Christina Domecq, co-founder and chief executive of SpinVox, which converts voicemails to text messages, talks about her likes and dislikes
What’s in your pocket?
A Sony Ericsson P1 smartphone. I change them every two months because I write on the screen as my input method and they get scratched. I’ve always used Symbian (operating system) based smartphones but I’m moving to the iPhone.
One of the first iPods. You could actually hear the hard drive operating and it had a physical wheel. I spent a lot of time listening to the Police, REM and Cat Stevens on it.
IT True Love?
The wow moment was the first time I saw internet service provider America Online. It made me realise how small the world is.
The MacBook Air. Talk about sexy. I’ve just bought it and it’s on my desk. I also loved the launch, with Apple’s Steve Jobs taking it out of an envelope.
What makes you mad?
Laziness in its broadest sense. Nothing frustrates me more than people not living up to their full potential. If you’re a bricklayer, be the best bricklayer you can be.
Try and go beyond what you think you can do.
What’s your most embarrassing moment?
I was at the Mobile World Congress to give a big presentation and my laptop crashed. I could not get the PowerPoint presentation up. And I didn’t have a back-up system.
I felt as though there were thousands of eyes looking at me … and expecting dynamism. Instead they got something more free-form.
What would you most love to see?
I’d love to see the moon up close and personal. To have moon dust on my boots, and hang out there. Part of the thrill would be the journey, being able to see the Earth from space.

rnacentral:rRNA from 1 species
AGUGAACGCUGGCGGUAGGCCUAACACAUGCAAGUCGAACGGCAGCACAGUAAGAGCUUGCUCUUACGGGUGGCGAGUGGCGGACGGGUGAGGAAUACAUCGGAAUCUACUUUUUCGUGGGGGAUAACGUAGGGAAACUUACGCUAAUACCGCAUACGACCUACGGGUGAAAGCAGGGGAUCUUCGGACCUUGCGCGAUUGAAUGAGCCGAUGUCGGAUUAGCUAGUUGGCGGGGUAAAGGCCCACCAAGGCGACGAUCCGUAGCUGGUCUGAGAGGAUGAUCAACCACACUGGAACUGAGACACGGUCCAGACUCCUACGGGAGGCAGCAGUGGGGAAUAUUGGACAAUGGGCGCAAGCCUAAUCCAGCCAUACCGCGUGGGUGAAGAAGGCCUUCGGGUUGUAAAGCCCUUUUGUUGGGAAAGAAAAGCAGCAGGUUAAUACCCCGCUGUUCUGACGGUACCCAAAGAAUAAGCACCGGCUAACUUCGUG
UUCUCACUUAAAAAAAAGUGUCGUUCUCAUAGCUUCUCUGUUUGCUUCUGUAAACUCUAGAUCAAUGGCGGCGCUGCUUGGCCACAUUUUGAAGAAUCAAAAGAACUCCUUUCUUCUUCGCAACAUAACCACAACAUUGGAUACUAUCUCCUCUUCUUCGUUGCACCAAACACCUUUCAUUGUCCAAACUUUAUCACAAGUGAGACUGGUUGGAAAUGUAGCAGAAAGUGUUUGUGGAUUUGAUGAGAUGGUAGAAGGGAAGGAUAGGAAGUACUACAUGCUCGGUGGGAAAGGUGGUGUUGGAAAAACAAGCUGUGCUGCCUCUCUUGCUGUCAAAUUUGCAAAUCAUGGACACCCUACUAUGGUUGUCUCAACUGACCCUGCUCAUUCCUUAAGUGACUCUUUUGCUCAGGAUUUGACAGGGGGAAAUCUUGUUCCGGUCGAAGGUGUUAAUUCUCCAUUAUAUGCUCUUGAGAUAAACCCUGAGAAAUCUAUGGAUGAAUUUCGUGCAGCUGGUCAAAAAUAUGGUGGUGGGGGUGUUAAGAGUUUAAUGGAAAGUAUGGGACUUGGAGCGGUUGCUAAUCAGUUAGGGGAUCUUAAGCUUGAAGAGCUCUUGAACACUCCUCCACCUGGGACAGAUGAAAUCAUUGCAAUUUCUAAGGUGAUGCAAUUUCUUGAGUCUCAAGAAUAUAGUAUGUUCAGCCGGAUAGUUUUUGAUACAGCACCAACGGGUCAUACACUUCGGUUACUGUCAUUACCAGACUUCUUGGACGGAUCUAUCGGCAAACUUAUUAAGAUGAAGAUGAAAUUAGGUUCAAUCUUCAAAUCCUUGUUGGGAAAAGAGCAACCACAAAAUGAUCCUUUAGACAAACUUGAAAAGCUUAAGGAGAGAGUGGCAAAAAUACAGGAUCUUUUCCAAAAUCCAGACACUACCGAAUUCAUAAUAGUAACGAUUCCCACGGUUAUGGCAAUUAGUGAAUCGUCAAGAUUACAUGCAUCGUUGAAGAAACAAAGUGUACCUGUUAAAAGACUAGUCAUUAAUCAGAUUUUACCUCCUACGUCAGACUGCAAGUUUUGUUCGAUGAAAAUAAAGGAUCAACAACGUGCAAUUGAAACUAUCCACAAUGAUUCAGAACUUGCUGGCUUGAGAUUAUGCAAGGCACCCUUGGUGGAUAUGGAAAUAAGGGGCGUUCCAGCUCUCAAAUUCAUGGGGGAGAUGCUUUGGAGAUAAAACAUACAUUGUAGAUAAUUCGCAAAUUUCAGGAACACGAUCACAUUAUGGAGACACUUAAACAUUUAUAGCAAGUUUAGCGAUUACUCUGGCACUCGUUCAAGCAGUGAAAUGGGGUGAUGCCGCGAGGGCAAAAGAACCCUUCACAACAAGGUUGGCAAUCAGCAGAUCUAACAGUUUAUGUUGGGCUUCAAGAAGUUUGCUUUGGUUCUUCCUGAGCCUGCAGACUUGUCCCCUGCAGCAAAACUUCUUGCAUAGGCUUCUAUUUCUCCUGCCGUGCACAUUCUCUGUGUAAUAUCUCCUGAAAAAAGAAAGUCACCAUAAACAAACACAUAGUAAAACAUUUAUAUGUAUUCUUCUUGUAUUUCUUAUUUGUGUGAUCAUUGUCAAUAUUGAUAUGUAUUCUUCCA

If money was no object?
I would use it to come up with answers to the growing crisis in Africa of Aids and poverty; and to create opportunities there. Africa’s potential is enormous.
Favoured communication method?
A mobile phone that uses SpinVox to convert voicemails into text messages, so I can browse through all my calls quickly. Everyone leaves messages in a different way, so each friend or contact has a kind of digital signature.
Worst mobile working experience?
As I was coming out of one meeting and heading for the motorway, I noticed I had 14 voicemails. But I was in a rush and didn’t have time to listen to them.
So I raced to the next meeting only to find that one of the voicemails was telling me the venue had changed.
I was so upset, I decided there had to be a better way of retrieving messages. Within a month, I had hired an engineer to find it.
How wrong have you been?
I underestimated the economic impact of the bombing of the World Trade Center. I had a business in New York doing IT training six blocks away and I ended up having to close it. It was the toughest management decision I ever had to make. I had to sell the assets to a competitor and let 75 per cent of the staff go.
Company to watch (not yours)?
Suunto, a Finnish company that makes sports watches and dive computers. I’m wearing a Suunto Lumix watch with altimeter, barometer and compass. It also tells me what time the sun will rise and set. It’s the best design for keen cyclists like myself, and looks good too.
Left field technology
Wire-free power sources and more powerful batteries, so we can power all our devices remotely, and for longer.
It’s not just mobiles and computers: my electric toothbrush always seems to be running out, too.
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